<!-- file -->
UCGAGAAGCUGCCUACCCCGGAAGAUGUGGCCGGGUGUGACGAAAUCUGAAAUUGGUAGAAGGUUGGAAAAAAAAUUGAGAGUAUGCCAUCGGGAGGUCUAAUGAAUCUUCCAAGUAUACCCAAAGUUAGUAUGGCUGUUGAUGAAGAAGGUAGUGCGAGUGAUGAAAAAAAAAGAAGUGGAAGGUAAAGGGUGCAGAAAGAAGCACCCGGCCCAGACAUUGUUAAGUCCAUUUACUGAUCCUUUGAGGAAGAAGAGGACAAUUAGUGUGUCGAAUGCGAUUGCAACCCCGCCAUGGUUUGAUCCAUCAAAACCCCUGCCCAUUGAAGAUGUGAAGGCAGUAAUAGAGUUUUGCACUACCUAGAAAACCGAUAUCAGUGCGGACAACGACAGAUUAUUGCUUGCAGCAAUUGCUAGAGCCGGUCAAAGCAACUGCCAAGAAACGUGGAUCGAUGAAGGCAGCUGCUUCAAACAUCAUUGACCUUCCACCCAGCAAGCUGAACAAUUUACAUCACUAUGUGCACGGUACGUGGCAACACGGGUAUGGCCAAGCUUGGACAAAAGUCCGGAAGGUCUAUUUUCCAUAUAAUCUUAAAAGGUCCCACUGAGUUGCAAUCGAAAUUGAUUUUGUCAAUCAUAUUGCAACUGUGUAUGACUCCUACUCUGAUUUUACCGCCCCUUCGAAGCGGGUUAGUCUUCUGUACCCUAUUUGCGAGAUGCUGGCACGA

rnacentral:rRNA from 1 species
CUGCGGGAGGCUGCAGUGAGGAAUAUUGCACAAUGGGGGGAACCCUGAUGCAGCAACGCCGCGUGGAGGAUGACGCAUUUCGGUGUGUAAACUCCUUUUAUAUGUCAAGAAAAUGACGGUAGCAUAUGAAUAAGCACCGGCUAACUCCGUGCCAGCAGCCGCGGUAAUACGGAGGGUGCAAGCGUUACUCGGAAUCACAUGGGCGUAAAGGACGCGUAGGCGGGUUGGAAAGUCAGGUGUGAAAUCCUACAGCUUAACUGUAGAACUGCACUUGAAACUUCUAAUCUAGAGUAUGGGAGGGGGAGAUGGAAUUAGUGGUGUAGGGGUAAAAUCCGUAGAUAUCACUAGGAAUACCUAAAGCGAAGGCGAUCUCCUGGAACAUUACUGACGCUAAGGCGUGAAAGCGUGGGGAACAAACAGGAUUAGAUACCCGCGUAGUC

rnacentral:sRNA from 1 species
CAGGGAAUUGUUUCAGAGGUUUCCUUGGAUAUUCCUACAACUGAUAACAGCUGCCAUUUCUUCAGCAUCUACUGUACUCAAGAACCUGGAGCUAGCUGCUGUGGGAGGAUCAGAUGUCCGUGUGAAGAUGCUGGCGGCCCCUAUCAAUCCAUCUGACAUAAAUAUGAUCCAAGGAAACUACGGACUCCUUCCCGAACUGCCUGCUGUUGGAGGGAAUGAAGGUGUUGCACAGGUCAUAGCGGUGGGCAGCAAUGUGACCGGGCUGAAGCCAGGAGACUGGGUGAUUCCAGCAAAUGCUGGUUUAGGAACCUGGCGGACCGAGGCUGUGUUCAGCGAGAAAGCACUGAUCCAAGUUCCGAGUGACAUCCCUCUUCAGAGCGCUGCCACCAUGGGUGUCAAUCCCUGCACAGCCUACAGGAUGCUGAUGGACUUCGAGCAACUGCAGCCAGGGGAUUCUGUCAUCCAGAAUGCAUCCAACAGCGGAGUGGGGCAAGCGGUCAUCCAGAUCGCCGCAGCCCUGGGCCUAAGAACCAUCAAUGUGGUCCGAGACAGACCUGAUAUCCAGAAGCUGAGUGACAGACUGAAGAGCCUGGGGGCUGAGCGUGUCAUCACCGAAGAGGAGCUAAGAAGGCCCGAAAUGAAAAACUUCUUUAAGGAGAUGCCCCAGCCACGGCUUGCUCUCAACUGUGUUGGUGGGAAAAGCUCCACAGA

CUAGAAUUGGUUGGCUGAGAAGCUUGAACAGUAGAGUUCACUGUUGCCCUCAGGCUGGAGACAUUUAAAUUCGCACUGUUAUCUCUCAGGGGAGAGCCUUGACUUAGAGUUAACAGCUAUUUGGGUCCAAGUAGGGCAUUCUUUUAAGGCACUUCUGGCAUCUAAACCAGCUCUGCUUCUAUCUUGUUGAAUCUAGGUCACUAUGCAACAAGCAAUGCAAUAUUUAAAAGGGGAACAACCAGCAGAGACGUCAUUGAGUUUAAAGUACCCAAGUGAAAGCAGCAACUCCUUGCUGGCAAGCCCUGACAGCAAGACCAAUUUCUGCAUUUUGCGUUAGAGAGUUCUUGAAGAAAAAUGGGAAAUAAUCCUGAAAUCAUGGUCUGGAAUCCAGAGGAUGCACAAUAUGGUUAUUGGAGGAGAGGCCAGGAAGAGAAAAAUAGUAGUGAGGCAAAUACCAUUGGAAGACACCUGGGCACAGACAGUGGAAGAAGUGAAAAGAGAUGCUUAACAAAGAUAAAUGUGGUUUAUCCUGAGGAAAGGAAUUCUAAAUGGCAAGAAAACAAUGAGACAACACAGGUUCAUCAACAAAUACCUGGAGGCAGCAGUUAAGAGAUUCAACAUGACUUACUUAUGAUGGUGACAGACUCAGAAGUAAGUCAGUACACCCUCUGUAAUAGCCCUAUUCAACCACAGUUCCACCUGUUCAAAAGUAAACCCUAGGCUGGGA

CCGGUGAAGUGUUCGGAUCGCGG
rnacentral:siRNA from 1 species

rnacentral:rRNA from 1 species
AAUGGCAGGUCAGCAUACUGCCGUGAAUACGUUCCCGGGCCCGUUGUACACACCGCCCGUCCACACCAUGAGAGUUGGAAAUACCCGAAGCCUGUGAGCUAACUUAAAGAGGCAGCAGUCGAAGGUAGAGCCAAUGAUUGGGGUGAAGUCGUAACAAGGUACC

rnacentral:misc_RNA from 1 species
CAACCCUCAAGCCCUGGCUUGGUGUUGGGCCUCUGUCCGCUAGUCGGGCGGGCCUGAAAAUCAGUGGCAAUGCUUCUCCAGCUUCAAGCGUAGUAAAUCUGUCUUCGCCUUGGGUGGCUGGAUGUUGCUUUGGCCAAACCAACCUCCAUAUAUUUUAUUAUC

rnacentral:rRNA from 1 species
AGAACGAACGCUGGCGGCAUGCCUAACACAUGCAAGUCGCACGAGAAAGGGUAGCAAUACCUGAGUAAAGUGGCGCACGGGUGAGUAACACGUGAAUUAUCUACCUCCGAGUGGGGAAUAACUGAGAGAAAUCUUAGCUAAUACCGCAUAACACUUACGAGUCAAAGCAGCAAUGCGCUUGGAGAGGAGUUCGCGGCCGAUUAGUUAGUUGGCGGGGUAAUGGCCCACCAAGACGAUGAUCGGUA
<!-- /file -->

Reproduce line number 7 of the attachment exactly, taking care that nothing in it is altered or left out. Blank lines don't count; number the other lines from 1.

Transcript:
CCGGUGAAGUGUUCGGAUCGCGG